Barbados, an island country in the Lesser Antilles of the West Indies, in the Caribbean region of North America, has signalled its plan to remove Britain’s Queen Elizabeth as its head of state and become a republic.
This was disclosed by the nation’s government. The Caribbean nation’s Governor-General, Sandra Mason, said in a speech on Tuesday that “the time has come to fully leave our colonial past behind.”
She said the country will become a republic as early as November of next year when it celebrates its 55th anniversary of independence from the British empire.
The country after gaining independence in 1966 from Britain has maintained a formal link with the British monarchy as part of some other countries that were once part of the British empire.
But many Barbadians have long agitated to remove her status — and with it, the lingering symbolic presence of imperialism over its governance — and multiple leaders this century have proposed that the country become a republic.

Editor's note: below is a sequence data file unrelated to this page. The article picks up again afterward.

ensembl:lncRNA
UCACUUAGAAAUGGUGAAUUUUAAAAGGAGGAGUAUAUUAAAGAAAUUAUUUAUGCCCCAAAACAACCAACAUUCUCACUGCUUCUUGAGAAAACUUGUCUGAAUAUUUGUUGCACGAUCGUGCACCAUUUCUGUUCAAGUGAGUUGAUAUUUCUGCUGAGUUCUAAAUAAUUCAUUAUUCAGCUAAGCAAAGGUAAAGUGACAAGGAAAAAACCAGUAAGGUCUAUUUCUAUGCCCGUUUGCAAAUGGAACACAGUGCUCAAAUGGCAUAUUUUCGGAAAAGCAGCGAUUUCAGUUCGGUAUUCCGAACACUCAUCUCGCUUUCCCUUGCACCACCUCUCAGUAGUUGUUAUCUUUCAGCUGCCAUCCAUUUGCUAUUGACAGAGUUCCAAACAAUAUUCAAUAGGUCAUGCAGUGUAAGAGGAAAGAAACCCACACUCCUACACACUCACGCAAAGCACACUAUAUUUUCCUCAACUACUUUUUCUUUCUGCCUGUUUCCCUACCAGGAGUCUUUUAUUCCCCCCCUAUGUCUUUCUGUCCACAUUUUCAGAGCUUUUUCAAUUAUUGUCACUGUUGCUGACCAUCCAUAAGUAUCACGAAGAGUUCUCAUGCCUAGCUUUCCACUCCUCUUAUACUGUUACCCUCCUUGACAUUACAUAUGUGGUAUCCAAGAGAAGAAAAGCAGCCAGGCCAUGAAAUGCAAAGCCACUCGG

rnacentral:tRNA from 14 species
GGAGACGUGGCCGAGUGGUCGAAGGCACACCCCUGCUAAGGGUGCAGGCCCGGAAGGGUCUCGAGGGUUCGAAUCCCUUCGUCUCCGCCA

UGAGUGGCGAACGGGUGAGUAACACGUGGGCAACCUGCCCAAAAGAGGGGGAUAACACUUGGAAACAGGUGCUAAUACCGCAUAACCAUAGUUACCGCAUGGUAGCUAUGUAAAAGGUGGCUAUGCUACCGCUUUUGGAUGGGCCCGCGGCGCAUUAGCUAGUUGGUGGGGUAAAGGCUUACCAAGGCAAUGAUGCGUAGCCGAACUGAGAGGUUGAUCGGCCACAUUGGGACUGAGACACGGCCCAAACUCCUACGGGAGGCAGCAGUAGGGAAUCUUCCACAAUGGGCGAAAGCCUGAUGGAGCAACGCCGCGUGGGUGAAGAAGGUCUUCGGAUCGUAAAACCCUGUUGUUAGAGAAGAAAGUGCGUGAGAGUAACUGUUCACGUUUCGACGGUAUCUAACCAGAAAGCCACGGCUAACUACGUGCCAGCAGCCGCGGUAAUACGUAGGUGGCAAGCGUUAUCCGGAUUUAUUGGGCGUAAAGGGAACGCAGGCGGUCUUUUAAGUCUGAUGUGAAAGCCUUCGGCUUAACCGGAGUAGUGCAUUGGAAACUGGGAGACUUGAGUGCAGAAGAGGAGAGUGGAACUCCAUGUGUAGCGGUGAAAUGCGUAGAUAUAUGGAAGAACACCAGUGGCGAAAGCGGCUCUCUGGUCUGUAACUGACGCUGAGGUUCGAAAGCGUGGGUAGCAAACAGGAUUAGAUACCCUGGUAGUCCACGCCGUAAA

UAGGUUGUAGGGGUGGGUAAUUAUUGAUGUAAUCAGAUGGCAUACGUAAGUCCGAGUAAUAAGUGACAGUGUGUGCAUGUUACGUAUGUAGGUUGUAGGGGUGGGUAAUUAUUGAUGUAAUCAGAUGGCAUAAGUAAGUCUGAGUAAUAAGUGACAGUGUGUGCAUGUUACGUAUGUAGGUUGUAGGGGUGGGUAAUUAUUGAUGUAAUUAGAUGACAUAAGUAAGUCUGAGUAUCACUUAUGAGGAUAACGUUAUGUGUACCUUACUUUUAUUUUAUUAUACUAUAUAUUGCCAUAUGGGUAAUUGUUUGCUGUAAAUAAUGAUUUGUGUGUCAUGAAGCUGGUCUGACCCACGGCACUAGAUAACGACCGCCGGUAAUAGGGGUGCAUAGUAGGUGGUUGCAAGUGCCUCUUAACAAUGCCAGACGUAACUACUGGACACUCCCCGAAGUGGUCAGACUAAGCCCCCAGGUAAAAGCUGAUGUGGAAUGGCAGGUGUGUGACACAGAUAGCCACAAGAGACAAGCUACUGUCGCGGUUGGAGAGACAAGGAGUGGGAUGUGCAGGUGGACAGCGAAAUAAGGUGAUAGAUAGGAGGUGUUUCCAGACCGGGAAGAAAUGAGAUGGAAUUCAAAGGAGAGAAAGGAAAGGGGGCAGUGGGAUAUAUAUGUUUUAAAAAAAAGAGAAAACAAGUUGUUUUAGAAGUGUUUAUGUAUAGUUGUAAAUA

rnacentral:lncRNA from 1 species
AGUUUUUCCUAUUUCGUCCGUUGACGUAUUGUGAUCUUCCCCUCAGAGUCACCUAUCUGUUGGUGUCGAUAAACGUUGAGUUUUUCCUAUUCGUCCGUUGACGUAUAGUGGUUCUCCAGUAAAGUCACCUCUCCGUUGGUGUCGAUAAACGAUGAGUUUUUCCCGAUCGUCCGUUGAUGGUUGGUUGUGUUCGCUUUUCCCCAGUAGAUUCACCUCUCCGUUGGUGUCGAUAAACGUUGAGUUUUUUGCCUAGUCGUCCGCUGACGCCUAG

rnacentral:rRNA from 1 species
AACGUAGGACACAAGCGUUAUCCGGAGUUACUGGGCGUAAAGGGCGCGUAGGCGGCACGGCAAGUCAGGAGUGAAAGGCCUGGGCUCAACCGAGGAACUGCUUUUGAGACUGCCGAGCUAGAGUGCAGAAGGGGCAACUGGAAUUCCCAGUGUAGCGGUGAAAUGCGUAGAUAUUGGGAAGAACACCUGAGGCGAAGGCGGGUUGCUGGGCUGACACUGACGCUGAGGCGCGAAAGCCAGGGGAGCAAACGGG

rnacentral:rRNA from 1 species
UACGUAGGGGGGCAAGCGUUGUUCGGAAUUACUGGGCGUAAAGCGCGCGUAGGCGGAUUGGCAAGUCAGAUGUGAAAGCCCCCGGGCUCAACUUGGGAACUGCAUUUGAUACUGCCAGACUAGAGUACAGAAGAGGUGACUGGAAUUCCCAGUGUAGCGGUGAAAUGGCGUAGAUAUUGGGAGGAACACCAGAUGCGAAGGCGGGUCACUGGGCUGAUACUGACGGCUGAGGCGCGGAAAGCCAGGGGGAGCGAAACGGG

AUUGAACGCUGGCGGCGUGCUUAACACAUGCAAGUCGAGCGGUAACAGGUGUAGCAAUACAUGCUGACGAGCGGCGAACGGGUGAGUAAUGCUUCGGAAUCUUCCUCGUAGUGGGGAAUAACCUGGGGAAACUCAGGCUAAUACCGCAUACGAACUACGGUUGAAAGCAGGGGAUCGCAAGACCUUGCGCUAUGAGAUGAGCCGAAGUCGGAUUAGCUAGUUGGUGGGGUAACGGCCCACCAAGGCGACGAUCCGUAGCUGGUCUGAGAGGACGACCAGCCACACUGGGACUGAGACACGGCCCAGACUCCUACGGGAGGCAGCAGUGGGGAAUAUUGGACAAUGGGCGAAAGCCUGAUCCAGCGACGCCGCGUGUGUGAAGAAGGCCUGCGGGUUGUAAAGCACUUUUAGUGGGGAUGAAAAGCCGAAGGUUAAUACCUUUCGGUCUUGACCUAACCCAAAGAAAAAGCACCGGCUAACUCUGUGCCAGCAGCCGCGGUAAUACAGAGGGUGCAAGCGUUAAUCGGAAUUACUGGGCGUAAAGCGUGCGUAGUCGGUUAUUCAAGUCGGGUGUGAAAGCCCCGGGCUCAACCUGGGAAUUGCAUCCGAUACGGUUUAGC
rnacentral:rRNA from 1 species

While delivering a speech on behalf of the country’s prime minister, Mia Mottley, Barbados Governor General Sandra Mason stated that time has come for the country to fully leave behind their colonial past and forge ahead as a republic.
“Barbadians want a Barbadian Head of State. This is the ultimate statement of confidence in who we are and what we are capable of achieving. Hence, Barbados will take the next logical step toward full sovereignty and become a Republic by the time we celebrate our 55th Anniversary of Independence.”
That anniversary will come in November of next year.